The week that was: from a textbook techie to startups taking the fight to coronavirus

India continued to battle the coronavirus pandemic as people stayed home amid a country-wide lockdown. Here is how Indian startups are dealing with this unprecedented crisis.

The coronavirus pandemic has brought the world to a grinding halt. The total number of cases worldwide has crossed one million, with 5 percent of the confirmed cases dying.  With India crossing the 3,000-mark, more tests are needed. 

Through the week, YourStory focused on stories that spotlighted the work that startups are doing to help tackle COVID-19.

Check out our weekly video wrap to know more:

Dr Velumani A, the Founder of Diagnostics, speaks about the need for multiple tests and the challenges unique to India. He explains that given the cost constraints in the market, even with the test costing Rs 4,500, there is a loss of Rs 1,000. But that doesn’t mean testing needs to stop; there needs to be a bigger push for tests.  In conversation with YourStory, Velumani talks about what needs to be done to combat the current medical crisis that India and the world are facing

Dr Velumani A, Thyrocare,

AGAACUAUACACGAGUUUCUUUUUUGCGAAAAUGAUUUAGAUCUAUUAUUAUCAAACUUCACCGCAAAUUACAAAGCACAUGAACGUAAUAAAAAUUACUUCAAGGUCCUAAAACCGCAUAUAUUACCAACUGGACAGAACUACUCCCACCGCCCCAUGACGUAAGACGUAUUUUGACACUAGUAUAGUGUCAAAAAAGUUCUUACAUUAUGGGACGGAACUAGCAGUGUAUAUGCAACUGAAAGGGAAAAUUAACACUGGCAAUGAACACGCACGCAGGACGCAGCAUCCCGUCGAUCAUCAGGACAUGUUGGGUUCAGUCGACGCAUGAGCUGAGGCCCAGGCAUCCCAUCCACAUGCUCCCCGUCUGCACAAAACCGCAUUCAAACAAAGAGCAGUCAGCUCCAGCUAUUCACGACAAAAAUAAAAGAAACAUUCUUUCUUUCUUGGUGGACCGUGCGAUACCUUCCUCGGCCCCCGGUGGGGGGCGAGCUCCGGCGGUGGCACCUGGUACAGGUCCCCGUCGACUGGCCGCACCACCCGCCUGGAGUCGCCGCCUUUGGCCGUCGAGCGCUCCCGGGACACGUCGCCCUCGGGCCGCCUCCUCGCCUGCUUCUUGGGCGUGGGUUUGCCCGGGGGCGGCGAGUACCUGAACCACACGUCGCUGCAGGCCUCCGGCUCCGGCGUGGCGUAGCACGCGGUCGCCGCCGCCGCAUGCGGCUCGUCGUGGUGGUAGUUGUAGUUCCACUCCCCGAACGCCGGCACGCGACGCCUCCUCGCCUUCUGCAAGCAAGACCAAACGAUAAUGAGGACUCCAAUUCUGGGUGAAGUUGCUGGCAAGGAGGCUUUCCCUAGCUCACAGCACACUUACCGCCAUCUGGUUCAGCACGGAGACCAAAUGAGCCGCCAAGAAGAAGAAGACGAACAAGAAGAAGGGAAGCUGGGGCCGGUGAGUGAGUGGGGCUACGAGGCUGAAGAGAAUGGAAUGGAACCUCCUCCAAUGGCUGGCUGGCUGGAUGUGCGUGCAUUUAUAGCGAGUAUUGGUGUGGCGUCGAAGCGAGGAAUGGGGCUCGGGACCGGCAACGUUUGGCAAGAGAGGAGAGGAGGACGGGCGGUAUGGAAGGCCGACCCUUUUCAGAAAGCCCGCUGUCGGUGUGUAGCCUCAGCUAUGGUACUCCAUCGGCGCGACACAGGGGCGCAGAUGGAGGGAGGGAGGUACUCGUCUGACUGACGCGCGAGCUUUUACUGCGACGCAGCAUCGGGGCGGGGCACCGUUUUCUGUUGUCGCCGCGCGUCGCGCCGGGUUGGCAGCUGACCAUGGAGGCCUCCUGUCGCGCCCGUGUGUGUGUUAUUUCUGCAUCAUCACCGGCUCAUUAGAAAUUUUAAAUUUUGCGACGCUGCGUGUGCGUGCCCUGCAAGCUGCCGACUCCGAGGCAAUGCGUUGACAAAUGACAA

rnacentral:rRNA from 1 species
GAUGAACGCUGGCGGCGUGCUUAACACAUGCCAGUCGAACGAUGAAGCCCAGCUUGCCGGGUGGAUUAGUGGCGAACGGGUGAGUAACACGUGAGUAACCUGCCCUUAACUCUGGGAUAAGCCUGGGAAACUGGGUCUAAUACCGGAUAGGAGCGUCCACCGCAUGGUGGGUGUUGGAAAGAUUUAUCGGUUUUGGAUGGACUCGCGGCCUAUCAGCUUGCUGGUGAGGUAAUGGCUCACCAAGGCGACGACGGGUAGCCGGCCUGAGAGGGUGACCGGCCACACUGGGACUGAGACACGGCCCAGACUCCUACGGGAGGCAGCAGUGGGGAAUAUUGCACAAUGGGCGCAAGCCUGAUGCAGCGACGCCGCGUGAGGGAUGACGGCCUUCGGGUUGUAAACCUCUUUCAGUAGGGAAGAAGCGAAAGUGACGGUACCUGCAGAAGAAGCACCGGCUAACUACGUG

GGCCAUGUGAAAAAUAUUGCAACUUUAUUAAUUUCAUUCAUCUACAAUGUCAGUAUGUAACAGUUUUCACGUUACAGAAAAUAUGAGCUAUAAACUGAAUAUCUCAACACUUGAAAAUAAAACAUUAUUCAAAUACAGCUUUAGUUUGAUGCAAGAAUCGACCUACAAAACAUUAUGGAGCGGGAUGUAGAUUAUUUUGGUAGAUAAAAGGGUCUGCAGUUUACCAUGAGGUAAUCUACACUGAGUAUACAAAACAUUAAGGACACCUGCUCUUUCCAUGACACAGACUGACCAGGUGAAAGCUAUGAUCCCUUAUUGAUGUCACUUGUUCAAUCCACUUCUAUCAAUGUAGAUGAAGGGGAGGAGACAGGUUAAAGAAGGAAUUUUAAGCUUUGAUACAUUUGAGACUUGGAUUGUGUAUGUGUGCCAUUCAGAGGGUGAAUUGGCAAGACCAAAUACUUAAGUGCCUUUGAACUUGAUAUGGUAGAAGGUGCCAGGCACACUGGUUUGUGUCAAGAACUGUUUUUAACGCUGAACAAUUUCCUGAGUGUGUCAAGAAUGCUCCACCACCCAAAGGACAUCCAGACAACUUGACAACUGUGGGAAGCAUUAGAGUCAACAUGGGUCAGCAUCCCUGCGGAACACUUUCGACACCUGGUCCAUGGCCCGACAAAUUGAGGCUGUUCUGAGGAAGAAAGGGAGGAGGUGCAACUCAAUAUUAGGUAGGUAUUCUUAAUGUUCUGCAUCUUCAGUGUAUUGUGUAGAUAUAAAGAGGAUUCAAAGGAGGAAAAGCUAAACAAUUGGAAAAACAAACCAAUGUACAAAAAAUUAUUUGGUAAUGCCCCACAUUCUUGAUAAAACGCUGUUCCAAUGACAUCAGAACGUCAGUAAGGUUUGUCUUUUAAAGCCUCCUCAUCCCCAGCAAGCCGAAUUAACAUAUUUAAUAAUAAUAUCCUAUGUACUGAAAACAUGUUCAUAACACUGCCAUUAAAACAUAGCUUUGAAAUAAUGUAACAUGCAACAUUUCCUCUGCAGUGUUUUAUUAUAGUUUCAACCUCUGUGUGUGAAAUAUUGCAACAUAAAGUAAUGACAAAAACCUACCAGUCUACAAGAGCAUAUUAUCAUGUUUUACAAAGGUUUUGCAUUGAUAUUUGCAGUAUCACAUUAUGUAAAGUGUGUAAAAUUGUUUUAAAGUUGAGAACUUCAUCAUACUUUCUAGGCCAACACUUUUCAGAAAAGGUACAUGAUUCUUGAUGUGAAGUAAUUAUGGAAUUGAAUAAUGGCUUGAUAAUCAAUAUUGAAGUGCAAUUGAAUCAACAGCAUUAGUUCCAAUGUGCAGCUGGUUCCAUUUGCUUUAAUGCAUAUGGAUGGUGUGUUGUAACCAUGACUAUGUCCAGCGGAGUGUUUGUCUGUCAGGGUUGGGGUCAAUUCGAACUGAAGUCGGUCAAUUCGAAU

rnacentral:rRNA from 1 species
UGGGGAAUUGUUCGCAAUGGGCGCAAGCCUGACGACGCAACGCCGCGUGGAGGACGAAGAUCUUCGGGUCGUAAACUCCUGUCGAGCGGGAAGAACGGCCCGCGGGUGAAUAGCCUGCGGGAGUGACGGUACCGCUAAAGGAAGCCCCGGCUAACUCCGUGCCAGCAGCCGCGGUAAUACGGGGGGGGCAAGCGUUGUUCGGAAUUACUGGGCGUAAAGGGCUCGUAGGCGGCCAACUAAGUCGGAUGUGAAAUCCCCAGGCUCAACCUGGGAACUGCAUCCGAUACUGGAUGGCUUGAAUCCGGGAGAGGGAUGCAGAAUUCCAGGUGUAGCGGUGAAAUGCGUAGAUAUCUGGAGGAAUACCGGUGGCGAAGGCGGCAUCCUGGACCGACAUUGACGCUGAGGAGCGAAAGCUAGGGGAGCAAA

Image credit: Bizencyclopedia

Now, let’s talk about apps that are taking the fight to coronavirus.  Gurugram-based KlinicApp, an e-diagnostics startup, launched COVID-19 tests on its platform, becoming one of the few ICMR-authorised entities to enable home testing for coronavirus detection.

The tests are being provided in collaboration with government-approved labs like Thyrocare and Metropolis. KlinicApp is also in talks with other stakeholders to be able to source “100 percent-certified” testing kits and ramp up its capacity. Each ‘SARS-COV-2 Detection’ package costs Rs 4,500 as per the Indian Council of Medical Research guidelines, and results are made available in 48 hours.

The novel coronavirus has hit the economy worse than the Great Recession of 2008. Companies are laying off jobs, delaying promotions, and employee bonuses have taken a backseat. In fact, amid the COVID-19 crisis, people are more worried about remaining employed, more than anything else.

It isn’t surprising that the Indian startup ecosystem is facing the brunt of this economic slowdown.

While startups in the metros are well equipped and have the facilities to “work from home”, how are small-town startups dealing with the situation? YourStory spoke to a few startups from Tier II and III cities of India to understand how they are dealing with the unfolding coronavirus crisis.

Focusing on medical workers

While India continues to observe the coronavirus lockdown, healthcare providers do not have the luxury to afford social distancing. Putting their health at risk, numerous doctors, nurses, orderlies, diagnostics crew, administrative staff, and clinic assistants, among others, are leading the charge against COVID-19.

An increased number of coronavirus cases has not only put pressure on medical infrastructure,  but also on healthcare providers who are working hard to take care of affected patients.

Amid this, startups are doing focusing on doing their bit.